Inclusive curriculum design and curriculum co-creation as responses to the HE diversity challenge

A mix of established trends in the HE sector notably widening participation and internationalisation combined with the more recent introduction of a teaching quality audit in the form of the Teaching Excellence Framework has heightened focus on the factors that may underpin retention and attainment gaps between different groups of students in the diverse HE student body. Drawing on the Equality Act 2010, the Department of Education refers specifically to diversity challenges in HE around mature, international, non-white, disabled and widening participation students (DoE, 2017).  Yet it is acknowledged that an approach to engaging with diversity that focuses on individual ‘protected’ characteristics in isolation limits recognition of intersectionality (Ro and Loya 2015).  This post will shed light on how curriculum co-creation is key to addressing the HE diversity challenge.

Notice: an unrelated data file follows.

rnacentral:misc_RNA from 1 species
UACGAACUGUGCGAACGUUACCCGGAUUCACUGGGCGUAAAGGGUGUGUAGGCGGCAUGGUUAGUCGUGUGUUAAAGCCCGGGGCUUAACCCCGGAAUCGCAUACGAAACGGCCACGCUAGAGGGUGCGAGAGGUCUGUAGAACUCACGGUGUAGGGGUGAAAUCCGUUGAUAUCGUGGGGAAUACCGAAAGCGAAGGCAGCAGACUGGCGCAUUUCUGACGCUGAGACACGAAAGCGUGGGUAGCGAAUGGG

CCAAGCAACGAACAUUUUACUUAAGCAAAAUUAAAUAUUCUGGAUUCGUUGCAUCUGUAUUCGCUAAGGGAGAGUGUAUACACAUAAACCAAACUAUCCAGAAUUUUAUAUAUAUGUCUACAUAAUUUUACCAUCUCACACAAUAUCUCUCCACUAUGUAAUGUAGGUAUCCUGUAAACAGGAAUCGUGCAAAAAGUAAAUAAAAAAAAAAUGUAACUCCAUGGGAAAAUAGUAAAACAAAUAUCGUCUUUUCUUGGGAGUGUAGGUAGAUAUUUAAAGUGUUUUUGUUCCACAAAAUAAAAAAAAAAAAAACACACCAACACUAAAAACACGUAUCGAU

Universities have become more critically focused on their capacity to deliver inclusive equitable education that ensures all students maximise the outcomes of their educational experience.   Inclusivity is concerned with the practice of academics – those practices that aim to ensure all students feel welcome and are treated in a fair and unbiased way in the classroom and in other situational contexts as part of their university experience. Cagliesi and Ghanei (2019) effectively highlight the distinction between diversity and inclusivity and emphasise the significance of inclusivity for practice by defining diversity as being at the party and inclusivity as ‘being invited to dance’.